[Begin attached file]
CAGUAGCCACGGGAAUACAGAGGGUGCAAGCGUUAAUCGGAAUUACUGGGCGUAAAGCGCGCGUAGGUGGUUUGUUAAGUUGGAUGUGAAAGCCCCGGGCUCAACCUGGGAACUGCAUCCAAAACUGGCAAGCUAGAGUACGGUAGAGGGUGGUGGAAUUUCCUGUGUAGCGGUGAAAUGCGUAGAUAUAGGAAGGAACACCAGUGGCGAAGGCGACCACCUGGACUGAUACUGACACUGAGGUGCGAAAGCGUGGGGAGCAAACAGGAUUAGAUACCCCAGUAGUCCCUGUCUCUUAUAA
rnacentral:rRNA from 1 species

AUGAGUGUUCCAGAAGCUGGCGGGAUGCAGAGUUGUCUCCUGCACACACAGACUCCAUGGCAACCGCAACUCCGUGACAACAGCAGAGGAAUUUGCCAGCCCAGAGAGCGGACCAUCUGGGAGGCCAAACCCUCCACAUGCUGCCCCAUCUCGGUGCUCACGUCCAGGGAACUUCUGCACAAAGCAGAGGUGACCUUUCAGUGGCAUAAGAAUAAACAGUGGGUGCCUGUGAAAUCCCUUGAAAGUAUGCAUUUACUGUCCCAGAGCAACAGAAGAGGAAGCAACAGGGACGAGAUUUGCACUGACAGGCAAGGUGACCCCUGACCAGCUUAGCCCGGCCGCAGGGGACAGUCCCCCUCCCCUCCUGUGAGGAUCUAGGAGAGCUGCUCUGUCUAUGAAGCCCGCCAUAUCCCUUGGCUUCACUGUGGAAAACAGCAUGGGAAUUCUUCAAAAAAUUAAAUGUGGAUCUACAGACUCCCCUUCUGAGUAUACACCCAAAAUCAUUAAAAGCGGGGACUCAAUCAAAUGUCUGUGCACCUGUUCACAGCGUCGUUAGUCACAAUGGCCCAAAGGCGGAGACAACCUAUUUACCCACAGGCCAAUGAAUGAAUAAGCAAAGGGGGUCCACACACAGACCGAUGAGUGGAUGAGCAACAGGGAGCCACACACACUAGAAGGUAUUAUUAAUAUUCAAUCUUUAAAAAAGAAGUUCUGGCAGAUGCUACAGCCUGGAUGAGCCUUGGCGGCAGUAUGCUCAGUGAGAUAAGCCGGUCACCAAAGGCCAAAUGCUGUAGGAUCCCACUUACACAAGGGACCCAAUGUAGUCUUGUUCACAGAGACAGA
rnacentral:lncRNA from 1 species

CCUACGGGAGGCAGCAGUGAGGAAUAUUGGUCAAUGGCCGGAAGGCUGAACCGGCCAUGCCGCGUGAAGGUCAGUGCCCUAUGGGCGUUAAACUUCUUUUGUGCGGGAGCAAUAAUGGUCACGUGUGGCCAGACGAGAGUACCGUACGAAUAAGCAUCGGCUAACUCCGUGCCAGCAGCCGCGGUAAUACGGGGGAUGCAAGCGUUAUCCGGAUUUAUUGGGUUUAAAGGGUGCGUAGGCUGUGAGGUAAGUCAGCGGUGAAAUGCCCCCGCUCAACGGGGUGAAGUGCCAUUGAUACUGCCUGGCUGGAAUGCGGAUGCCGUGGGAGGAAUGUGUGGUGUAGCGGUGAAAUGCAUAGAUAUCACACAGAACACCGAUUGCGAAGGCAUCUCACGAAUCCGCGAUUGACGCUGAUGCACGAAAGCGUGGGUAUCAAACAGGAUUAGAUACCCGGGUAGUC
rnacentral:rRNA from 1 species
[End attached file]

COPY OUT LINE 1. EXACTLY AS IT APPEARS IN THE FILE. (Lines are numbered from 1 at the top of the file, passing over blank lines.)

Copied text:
CAGUAGCCACGGGAAUACAGAGGGUGCAAGCGUUAAUCGGAAUUACUGGGCGUAAAGCGCGCGUAGGUGGUUUGUUAAGUUGGAUGUGAAAGCCCCGGGCUCAACCUGGGAACUGCAUCCAAAACUGGCAAGCUAGAGUACGGUAGAGGGUGGUGGAAUUUCCUGUGUAGCGGUGAAAUGCGUAGAUAUAGGAAGGAACACCAGUGGCGAAGGCGACCACCUGGACUGAUACUGACACUGAGGUGCGAAAGCGUGGGGAGCAAACAGGAUUAGAUACCCCAGUAGUCCCUGUCUCUUAUAA